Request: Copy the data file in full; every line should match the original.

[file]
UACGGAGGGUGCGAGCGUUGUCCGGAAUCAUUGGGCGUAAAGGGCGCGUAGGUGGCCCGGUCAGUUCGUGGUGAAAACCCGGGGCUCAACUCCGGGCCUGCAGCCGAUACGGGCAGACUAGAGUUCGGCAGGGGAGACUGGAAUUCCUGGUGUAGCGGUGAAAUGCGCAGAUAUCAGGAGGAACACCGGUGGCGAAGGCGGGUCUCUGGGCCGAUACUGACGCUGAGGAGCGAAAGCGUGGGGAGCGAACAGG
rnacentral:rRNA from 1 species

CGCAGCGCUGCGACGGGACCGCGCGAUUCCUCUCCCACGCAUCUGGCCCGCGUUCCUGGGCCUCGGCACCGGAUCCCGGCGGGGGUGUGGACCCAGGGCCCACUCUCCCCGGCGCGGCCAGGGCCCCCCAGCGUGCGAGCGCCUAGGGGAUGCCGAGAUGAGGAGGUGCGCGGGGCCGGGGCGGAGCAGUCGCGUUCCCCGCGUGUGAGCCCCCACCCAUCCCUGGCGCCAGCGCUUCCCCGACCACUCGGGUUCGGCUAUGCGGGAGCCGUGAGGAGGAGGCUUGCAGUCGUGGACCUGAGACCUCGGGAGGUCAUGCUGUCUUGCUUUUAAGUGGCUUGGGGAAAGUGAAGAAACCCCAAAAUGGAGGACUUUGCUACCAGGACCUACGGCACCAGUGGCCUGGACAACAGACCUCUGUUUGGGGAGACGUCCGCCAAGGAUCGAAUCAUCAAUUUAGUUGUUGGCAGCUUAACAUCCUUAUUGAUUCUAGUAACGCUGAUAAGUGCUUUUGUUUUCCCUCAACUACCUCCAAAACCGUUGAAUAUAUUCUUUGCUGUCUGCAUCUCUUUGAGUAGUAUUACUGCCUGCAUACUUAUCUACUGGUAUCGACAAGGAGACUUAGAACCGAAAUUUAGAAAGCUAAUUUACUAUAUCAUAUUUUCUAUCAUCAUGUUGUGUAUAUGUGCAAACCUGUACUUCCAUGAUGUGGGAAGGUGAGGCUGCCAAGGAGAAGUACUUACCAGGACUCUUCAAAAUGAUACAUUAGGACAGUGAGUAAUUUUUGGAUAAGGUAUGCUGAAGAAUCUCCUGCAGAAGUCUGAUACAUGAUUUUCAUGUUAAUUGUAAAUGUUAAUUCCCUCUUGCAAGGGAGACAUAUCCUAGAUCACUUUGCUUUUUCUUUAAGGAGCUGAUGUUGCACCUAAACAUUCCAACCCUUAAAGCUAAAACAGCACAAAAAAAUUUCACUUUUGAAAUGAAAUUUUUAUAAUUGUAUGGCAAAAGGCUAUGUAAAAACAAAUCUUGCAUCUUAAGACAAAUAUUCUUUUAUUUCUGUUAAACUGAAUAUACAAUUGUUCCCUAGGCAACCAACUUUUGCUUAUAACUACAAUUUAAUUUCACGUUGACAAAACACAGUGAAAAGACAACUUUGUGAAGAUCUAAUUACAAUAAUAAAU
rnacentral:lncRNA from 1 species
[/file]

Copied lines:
UACGGAGGGUGCGAGCGUUGUCCGGAAUCAUUGGGCGUAAAGGGCGCGUAGGUGGCCCGGUCAGUUCGUGGUGAAAACCCGGGGCUCAACUCCGGGCCUGCAGCCGAUACGGGCAGACUAGAGUUCGGCAGGGGAGACUGGAAUUCCUGGUGUAGCGGUGAAAUGCGCAGAUAUCAGGAGGAACACCGGUGGCGAAGGCGGGUCUCUGGGCCGAUACUGACGCUGAGGAGCGAAAGCGUGGGGAGCGAACAGG
rnacentral:rRNA from 1 species

CGCAGCGCUGCGACGGGACCGCGCGAUUCCUCUCCCACGCAUCUGGCCCGCGUUCCUGGGCCUCGGCACCGGAUCCCGGCGGGGGUGUGGACCCAGGGCCCACUCUCCCCGGCGCGGCCAGGGCCCCCCAGCGUGCGAGCGCCUAGGGGAUGCCGAGAUGAGGAGGUGCGCGGGGCCGGGGCGGAGCAGUCGCGUUCCCCGCGUGUGAGCCCCCACCCAUCCCUGGCGCCAGCGCUUCCCCGACCACUCGGGUUCGGCUAUGCGGGAGCCGUGAGGAGGAGGCUUGCAGUCGUGGACCUGAGACCUCGGGAGGUCAUGCUGUCUUGCUUUUAAGUGGCUUGGGGAAAGUGAAGAAACCCCAAAAUGGAGGACUUUGCUACCAGGACCUACGGCACCAGUGGCCUGGACAACAGACCUCUGUUUGGGGAGACGUCCGCCAAGGAUCGAAUCAUCAAUUUAGUUGUUGGCAGCUUAACAUCCUUAUUGAUUCUAGUAACGCUGAUAAGUGCUUUUGUUUUCCCUCAACUACCUCCAAAACCGUUGAAUAUAUUCUUUGCUGUCUGCAUCUCUUUGAGUAGUAUUACUGCCUGCAUACUUAUCUACUGGUAUCGACAAGGAGACUUAGAACCGAAAUUUAGAAAGCUAAUUUACUAUAUCAUAUUUUCUAUCAUCAUGUUGUGUAUAUGUGCAAACCUGUACUUCCAUGAUGUGGGAAGGUGAGGCUGCCAAGGAGAAGUACUUACCAGGACUCUUCAAAAUGAUACAUUAGGACAGUGAGUAAUUUUUGGAUAAGGUAUGCUGAAGAAUCUCCUGCAGAAGUCUGAUACAUGAUUUUCAUGUUAAUUGUAAAUGUUAAUUCCCUCUUGCAAGGGAGACAUAUCCUAGAUCACUUUGCUUUUUCUUUAAGGAGCUGAUGUUGCACCUAAACAUUCCAACCCUUAAAGCUAAAACAGCACAAAAAAAUUUCACUUUUGAAAUGAAAUUUUUAUAAUUGUAUGGCAAAAGGCUAUGUAAAAACAAAUCUUGCAUCUUAAGACAAAUAUUCUUUUAUUUCUGUUAAACUGAAUAUACAAUUGUUCCCUAGGCAACCAACUUUUGCUUAUAACUACAAUUUAAUUUCACGUUGACAAAACACAGUGAAAAGACAACUUUGUGAAGAUCUAAUUACAAUAAUAAAU
rnacentral:lncRNA from 1 species